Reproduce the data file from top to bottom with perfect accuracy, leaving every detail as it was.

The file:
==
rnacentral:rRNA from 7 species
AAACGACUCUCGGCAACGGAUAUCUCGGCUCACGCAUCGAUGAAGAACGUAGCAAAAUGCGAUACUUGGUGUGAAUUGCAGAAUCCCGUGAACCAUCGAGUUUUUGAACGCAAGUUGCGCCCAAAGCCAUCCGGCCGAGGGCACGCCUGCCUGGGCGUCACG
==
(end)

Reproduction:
rnacentral:rRNA from 7 species
AAACGACUCUCGGCAACGGAUAUCUCGGCUCACGCAUCGAUGAAGAACGUAGCAAAAUGCGAUACUUGGUGUGAAUUGCAGAAUCCCGUGAACCAUCGAGUUUUUGAACGCAAGUUGCGCCCAAAGCCAUCCGGCCGAGGGCACGCCUGCCUGGGCGUCACG